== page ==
Twenty years ago when Timpener received his first pacemaker, wireless remote monitoring technology was not available. It was launched in 2001 and is now used by clinicians to follow patients without the need for patients to travel to their pacemaker clinic. TImpener’s latest device has that technology, but it requires a bedside console unit to transmit data. When he travels, he has to make sure he brings it with him, along with emergency battery packs and country-specific power cords as well.

For people like Timpener who enjoy travelling and want optimal freedom, the very latest app-enabled pacemakers help make out-of-town trips more stress-free. This latest innovation, introduced in 2015, allows cardiac patients to use an app on their smart phone or tablet to securely transmit data via encryption software to their healthcare provider. Data is transferred remotely to their doctor or clinician from almost anywhere in the world. There’s no need for additional hardware. They can also keep track of when that information was sent and can receive reminder notifications to prompt them to relay data. The app, coupled with Bluetooth technology, empowers patients by putting them in control of their own information management. 

Technology advancements in pacemakers even more important during COVID-19 pandemic 

Brian Yuen, a cardiac implantable electric devices (CIED) nurse clinician at Foothills Medical Centre in Calgary, AB, works closely with pacemaker patients in the hospital’s CIED clinic. He provides education to patients before devices are implanted and helps them understand what lies ahead. He talks to pacemaker recipients about their hopes, challenges and expectations for life with a pacemaker. Post-surgery, he checks their devices, makes changes as needed and deals with any concerns or questions.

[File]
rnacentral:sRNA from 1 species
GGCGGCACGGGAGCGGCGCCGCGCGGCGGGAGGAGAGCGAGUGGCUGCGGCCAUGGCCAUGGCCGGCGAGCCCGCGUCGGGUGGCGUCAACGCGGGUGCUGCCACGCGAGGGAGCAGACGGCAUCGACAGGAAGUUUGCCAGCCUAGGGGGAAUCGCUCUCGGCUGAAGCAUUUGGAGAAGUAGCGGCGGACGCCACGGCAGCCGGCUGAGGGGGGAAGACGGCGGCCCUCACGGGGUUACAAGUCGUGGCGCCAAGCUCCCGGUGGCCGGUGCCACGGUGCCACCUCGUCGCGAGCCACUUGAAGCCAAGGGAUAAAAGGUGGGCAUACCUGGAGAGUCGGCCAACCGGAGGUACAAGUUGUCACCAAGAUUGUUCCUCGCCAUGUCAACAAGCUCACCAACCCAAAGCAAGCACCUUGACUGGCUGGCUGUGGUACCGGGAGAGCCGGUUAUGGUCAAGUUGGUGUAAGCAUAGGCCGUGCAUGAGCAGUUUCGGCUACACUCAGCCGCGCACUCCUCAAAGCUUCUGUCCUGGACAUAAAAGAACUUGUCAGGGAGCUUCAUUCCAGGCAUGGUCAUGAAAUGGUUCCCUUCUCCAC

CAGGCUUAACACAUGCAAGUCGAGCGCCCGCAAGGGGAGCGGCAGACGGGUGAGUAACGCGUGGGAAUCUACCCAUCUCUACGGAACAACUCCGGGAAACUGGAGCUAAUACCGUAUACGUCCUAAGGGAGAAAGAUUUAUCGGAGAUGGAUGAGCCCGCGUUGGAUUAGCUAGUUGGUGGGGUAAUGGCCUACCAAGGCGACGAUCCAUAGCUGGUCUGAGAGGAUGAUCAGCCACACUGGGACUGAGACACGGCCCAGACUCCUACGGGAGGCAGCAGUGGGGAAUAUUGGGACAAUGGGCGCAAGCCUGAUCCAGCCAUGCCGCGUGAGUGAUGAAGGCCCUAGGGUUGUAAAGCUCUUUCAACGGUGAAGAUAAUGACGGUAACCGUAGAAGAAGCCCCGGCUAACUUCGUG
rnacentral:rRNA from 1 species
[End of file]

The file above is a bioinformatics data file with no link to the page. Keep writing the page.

During COVID-19, many patients were worried about in-person medical appointments. Yuen saw firsthand the advantages of remote monitoring technology, including app-enabled pacemakers. They have been invaluable to cardiac patients for safe, ongoing remote management of their health. “They don’t have to come into the hospital for a pacemaker check,” he says. “We can retrieve information remotely about the device’s battery life, for example. It’s a huge benefit to those not living in major urban centres. It can save hours of driving for just a half an hour in-person visit… We want to minimize the risk and avoid cardiac patients coming into an office unnecessarily since they are more likely to have poorer outcomes if they were to become infected with the coronavirus.”

The newest pacemaker technology couldn’t come at a better time. It has made it possible for patients to stay safe at home while ensuring their heart health is monitored by their healthcare team. And when travel restrictions are lifted, they’ll be able to visit their favourite destinations without having to pack a monitor. Data transmission via cell phone or tablet helps provide patients with greater freedom to explore. 

Presented through a sponsorship from Medtronic Canada.

Sources

1) Canadian Journal of Cardiology: https://www.onlinecjc.ca/article/S0828-282X(11)01240-2/pdf